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Anadigm Field Programmable Analog Array (FPAA)

This is work that was done in 2004 with the Anadigm Field Programmable Analog Array (FPAA) development kit. The FPAA is a chip containing switched-capacitor analog circuits that can be reconfigured to implement many different functions (filters, amplifiers, etc). The development kit part number is AN221D04, for the AN221E04 chip. This page is describes my progress in setting up and using the development kit.

My first project with it is a data acquisition system for in-house use. My goal is to implement a USB-based data acquisition system. The FPAA will provide filtering, level translation and A/D conversion, while an Atmel ATmega64 AVR micro handles the data transfer to the PC.

The first step is to acheive data transfer from the FPAA to the AVR. For this step, I set up an A/D converter with a variable DC input using the Anadigm Designer2 software (available from the Anadigm website). It uses 3 of the predefined modules: an A/D, a DC source, and a variable-gain amplifier. The output is 3 signals: data, clock(4MHz) and sync(250kHz).

The A/D output is connected to the SPI port of the AVR. The select input of the SPI port is active low, so the sync output needs to be inverted. A logic gate could be used, but a simple one-transistor inverter works fine here. I used a 2N4401, but any high speed switching transistor should work. The internal pullup resistor of the AVR SS input needs to be enabled for this to work.

The maximum recommended clock rate of the A/D module is 4 MHz, which is also the maximum recommended clock rate of the SPI port when the AVR is running at 16 MHz.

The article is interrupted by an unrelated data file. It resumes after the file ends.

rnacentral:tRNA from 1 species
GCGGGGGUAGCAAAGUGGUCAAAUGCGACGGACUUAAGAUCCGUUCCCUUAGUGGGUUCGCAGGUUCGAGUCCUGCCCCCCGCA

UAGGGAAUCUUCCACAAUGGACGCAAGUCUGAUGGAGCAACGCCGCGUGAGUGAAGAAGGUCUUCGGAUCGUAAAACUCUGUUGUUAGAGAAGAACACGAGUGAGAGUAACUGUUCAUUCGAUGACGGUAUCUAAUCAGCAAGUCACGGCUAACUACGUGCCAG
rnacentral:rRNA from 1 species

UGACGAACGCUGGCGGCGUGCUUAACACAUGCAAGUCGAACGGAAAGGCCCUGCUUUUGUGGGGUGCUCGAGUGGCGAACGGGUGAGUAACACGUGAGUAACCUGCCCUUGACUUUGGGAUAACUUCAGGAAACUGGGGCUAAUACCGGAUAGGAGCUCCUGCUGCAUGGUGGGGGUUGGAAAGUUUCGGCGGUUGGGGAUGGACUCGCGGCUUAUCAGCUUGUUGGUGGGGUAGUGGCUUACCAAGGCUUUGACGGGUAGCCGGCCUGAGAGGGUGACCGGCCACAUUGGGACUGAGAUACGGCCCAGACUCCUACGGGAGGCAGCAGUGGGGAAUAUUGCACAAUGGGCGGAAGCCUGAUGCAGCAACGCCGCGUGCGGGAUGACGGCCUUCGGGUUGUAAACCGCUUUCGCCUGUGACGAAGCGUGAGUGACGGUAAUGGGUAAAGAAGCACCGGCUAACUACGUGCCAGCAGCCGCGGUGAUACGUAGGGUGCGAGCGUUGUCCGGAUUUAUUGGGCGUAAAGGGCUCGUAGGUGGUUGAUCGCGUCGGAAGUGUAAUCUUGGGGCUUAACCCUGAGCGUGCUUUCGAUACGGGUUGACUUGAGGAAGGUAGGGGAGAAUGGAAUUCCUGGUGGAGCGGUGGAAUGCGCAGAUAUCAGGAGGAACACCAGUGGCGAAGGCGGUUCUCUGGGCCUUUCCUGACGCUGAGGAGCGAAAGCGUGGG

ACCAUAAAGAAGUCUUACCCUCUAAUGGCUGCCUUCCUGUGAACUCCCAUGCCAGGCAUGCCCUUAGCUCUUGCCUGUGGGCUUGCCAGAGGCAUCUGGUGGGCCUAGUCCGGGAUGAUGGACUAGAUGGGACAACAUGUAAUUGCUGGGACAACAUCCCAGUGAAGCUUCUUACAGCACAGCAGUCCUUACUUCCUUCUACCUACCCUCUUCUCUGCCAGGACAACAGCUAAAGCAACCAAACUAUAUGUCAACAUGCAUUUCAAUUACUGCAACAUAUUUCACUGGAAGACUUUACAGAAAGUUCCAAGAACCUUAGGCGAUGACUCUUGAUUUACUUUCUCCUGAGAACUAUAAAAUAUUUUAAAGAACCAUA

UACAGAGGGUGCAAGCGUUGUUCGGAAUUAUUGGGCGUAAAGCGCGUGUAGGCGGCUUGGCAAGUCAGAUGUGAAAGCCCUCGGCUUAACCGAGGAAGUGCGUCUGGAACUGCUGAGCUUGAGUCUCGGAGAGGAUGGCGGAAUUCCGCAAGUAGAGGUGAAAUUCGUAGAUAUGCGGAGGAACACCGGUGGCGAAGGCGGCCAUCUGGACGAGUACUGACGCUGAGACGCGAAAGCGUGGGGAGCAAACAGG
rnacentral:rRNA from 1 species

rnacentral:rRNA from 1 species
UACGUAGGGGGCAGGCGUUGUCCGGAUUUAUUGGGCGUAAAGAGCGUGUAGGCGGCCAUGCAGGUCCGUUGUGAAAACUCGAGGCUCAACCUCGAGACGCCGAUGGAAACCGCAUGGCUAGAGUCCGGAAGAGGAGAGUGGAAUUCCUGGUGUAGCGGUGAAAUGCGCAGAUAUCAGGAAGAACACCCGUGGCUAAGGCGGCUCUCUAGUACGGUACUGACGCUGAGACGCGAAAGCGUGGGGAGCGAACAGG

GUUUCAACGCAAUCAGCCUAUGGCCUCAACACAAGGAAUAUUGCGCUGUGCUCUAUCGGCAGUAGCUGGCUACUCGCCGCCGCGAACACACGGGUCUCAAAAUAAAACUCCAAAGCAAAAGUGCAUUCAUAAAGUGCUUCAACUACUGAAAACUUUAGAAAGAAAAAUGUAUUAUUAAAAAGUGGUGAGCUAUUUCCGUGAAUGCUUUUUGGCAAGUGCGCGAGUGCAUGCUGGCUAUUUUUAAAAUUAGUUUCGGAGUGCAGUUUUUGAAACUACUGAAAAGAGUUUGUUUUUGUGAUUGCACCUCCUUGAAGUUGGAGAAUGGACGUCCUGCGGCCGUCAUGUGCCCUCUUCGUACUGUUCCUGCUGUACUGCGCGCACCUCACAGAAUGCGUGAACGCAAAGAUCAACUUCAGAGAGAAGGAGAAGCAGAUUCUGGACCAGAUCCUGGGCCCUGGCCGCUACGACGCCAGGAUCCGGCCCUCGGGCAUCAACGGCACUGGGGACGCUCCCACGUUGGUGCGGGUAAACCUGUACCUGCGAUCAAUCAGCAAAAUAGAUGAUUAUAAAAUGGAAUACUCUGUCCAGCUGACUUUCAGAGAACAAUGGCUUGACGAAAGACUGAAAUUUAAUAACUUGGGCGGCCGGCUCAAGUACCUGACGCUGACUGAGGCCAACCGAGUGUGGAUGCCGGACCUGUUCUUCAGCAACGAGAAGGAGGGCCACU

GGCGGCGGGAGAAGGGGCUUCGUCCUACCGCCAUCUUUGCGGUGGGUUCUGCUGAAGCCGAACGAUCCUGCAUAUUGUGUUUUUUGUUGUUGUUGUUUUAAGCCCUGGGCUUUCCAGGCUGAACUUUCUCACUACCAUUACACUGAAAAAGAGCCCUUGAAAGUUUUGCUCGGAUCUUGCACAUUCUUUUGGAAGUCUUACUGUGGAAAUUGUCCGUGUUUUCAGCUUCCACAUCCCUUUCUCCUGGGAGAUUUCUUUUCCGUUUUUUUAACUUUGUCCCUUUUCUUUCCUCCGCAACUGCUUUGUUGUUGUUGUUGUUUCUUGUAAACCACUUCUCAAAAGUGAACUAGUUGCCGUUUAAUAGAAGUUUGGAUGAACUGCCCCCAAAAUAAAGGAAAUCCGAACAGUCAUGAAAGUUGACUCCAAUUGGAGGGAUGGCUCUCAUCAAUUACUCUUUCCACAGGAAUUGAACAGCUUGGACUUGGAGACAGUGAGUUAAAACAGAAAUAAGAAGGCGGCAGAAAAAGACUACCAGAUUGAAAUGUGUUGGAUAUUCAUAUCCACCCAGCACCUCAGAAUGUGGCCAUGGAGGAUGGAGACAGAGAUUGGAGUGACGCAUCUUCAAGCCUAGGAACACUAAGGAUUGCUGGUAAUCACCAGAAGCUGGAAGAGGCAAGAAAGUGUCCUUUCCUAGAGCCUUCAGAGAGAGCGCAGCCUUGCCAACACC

Next issue is getting the data into the PC. The data goes out the serial port of the AVR to an FTDI FT232BM USB-to-serial converter. The serial interface is being clocked at 2 megabits per second (the FT232BM supports a 3MHz rate, but 2MHz is the max the AVR ATMega64 UART can support in asynchronous mode). The receiving PC is running Linux (2.4.22 kernel). Using the standard FTDI driver in the kernel, the best rate so far is about 1MHz. So, we can stream continuous data at about a 100kHz sampling rate. The other operating option is to sample at the A/D's maximum 250kHz sampling rate, buffer the data in the ATmega64's internal SRAM, and then transfer it to the PC non-real-time. The ATmega64 has 2k of internal SRAM; it also supports external SRAM, but I don't currently have that on my test board.

Here's the sample output. It's input signal is an Anadigm sinewave generator module connected directly to the input of the A/D via an internal on-chip connection. The input signal is 5kHz at 2 volts amplitude. Frequency analysis uses a single 1024-point FFT with a Hamming window.

Credits: the Linux Penguin logo is from Simon Budig,
$Date: 2016/02/16 12:29:09 $